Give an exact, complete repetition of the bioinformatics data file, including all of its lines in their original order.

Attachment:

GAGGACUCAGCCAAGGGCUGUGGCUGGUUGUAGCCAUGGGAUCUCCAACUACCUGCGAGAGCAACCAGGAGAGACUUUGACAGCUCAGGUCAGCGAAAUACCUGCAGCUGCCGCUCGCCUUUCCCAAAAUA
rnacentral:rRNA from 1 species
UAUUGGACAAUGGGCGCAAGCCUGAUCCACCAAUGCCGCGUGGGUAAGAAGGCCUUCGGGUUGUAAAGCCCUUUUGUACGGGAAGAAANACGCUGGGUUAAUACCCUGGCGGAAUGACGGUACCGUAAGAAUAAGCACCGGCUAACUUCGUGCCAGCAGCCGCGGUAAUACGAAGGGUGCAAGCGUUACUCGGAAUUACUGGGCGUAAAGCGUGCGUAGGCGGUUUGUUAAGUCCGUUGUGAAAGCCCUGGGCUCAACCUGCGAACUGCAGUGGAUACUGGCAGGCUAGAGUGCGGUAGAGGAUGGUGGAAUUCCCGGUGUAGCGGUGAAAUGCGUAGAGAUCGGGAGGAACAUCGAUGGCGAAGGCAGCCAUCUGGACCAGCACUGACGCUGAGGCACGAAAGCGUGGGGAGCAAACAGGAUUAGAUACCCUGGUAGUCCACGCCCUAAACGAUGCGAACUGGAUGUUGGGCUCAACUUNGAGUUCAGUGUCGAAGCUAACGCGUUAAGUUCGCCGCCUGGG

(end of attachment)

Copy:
GAGGACUCAGCCAAGGGCUGUGGCUGGUUGUAGCCAUGGGAUCUCCAACUACCUGCGAGAGCAACCAGGAGAGACUUUGACAGCUCAGGUCAGCGAAAUACCUGCAGCUGCCGCUCGCCUUUCCCAAAAUA
rnacentral:rRNA from 1 species
UAUUGGACAAUGGGCGCAAGCCUGAUCCACCAAUGCCGCGUGGGUAAGAAGGCCUUCGGGUUGUAAAGCCCUUUUGUACGGGAAGAAANACGCUGGGUUAAUACCCUGGCGGAAUGACGGUACCGUAAGAAUAAGCACCGGCUAACUUCGUGCCAGCAGCCGCGGUAAUACGAAGGGUGCAAGCGUUACUCGGAAUUACUGGGCGUAAAGCGUGCGUAGGCGGUUUGUUAAGUCCGUUGUGAAAGCCCUGGGCUCAACCUGCGAACUGCAGUGGAUACUGGCAGGCUAGAGUGCGGUAGAGGAUGGUGGAAUUCCCGGUGUAGCGGUGAAAUGCGUAGAGAUCGGGAGGAACAUCGAUGGCGAAGGCAGCCAUCUGGACCAGCACUGACGCUGAGGCACGAAAGCGUGGGGAGCAAACAGGAUUAGAUACCCUGGUAGUCCACGCCCUAAACGAUGCGAACUGGAUGUUGGGCUCAACUUNGAGUUCAGUGUCGAAGCUAACGCGUUAAGUUCGCCGCCUGGG